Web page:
In the last few weeks, social media has seen a range of arguments about ‘quiet quitting’. As UNLEASH has previously noted, the theory behind the term is that employees do the minimum and don’t go above and beyond in their roles.
This led to outrage from some, and understanding from others who believe that work should be transactional and that employees shouldn’t be expected to do more than their pay dictates.
Others noted that employees should feel comfortable setting boundaries in their roles.
“quiet quitting” pic.twitter.com/D5hBGLfAiT
— Scott Seiss (@ScottSeiss) August 27, 2022
As the fiery argument comes to an end, there is now a new term resting in the ashes, ‘quiet firing’.
What is quiet firing?
Sonya Barlow, the founder of the LMFNETWORK, tells UNLEASH: “Quiet firing is a company lessening progression, promotion, face time, supports efforts with an individual, and making them feel like they’re not wanted.
“It’s making employees feel it’s time for them to leave either to resign or to look for a new job, quiet firing is denying raises blocking opportunities for employees, neglecting to give them direct and timely feedback.”
Naturally, no one wants to feel undervalued, and whether ‘quiet firing’ is being done deliberately or not, it is essential that the wellbeing of employees is considered.
What’s more concerning is how many people felt that they had been treated this way, and were resentful of their managers and employers for ignoring their contributions.
Quiet firing discourse
Bonnie Dilber, recruiting manager at Zapier, was one of the first people to share their thoughts on ‘quiet firing’.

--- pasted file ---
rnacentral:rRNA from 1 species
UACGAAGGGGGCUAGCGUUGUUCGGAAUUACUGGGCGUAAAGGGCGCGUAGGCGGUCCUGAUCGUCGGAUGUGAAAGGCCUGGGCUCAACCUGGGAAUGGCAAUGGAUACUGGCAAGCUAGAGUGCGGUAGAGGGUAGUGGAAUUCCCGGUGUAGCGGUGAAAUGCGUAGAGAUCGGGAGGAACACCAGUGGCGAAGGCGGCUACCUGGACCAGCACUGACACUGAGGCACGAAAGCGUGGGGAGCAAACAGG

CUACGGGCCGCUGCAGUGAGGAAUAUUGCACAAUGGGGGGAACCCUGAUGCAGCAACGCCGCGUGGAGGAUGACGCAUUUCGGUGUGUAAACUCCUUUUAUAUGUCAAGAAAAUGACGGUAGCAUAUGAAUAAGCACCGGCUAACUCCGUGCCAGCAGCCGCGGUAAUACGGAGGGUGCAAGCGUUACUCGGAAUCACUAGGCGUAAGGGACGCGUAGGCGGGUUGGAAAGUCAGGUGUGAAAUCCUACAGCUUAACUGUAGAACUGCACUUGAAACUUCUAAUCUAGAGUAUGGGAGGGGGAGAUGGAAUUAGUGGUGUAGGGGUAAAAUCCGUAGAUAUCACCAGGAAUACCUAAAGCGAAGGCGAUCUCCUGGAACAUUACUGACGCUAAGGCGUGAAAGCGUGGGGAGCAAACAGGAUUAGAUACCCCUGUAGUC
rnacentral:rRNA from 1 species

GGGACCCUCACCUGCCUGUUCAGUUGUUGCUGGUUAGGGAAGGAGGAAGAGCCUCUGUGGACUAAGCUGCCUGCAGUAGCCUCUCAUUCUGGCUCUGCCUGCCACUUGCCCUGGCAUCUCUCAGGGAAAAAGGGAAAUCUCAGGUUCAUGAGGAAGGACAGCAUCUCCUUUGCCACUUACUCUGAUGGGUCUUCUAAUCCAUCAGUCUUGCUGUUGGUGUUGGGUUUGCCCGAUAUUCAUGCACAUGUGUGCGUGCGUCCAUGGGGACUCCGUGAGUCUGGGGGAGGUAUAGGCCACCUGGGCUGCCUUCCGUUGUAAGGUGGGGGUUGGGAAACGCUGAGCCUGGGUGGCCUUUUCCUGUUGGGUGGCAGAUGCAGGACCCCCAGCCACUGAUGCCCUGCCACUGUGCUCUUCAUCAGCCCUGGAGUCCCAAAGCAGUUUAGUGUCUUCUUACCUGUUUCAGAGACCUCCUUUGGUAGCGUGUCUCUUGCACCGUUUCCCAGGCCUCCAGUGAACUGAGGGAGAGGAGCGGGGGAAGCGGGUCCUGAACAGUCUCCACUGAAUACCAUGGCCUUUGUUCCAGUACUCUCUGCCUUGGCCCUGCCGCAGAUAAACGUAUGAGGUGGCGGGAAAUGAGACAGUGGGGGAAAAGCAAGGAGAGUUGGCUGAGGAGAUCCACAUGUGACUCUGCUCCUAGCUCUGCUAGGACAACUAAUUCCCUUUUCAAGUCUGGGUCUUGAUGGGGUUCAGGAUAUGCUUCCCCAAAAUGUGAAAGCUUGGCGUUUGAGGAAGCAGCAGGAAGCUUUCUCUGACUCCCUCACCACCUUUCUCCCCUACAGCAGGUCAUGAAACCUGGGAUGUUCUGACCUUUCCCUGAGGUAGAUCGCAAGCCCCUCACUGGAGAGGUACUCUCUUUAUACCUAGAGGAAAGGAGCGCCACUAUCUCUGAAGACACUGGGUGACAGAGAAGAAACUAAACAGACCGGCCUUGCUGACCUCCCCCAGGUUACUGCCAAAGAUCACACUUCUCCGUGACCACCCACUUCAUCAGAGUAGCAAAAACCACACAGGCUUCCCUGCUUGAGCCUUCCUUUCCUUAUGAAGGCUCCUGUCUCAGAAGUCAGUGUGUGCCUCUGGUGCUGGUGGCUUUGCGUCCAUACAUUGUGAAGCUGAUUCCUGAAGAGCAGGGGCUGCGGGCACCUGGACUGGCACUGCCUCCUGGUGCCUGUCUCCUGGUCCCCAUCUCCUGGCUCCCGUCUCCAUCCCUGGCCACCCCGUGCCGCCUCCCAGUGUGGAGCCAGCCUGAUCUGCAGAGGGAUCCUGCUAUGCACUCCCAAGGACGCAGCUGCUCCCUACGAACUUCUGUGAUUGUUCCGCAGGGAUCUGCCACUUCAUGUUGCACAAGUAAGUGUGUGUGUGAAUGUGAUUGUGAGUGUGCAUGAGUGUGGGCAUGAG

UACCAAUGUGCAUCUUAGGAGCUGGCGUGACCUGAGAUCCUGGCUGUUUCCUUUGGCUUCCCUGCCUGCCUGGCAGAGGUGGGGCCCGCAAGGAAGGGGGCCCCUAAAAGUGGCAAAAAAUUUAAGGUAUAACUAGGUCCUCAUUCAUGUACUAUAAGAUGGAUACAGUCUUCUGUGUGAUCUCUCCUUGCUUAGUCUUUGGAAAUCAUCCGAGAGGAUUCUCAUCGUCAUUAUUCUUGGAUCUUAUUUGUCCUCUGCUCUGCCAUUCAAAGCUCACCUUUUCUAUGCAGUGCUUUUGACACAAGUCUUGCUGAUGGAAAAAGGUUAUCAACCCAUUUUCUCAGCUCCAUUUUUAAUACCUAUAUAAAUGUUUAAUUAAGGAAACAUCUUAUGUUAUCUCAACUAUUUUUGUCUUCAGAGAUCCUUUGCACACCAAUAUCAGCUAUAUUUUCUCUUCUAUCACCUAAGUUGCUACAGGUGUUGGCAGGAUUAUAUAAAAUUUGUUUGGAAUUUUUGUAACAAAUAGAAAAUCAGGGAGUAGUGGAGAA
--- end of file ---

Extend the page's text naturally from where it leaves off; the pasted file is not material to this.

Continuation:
In a viral post, Dilber wrote that ‘quiet firing’ “works great for companies…eventually you’ll either feel so incompetent, isolated, and unappreciated that you’ll go find a new job, and they never have to deal with a development plan or offer severance. Or your performance will slip enough due to the lack of support that they’ll be able to let you go.
“Instead of worrying about ‘quiet quitting’, I’d encourage companies to look at their management practices and identify places where people are being ‘quiet fired’ by poor managers who don’t want to do the work to support, train, and coach their teams.”
Adding his thoughts on the cause of this situation, Ivan Harding co-founder and CEO of Applaud told UNLEASH: “Ultimately, this new trend is down to time-poor managers not having the resources and time to fully commit to the career progression of their team.
“They spend their time on the core parts of their job role, leaving little time to meet regularly and nurture those that they manage.”
Harding believes that no business wants to ‘quiet fire’ staff, instead, they need to ensure that talent is supported by managers. To do this, managers need tools and systems that allow them to recognize employees and see their shortcomings.
“Any employer allowing this to happen in their business needs leadership training in order to understand the benefits of ensuring team members feel valued at work and how to communicate the requirements of an organization amongst its staff.
“Quiet firing can be seen as a diversion away from the real issues which are underlying within a business.”
Coulson concludes: “So, stop quiet firing to stop ‘quiet quitting’.”
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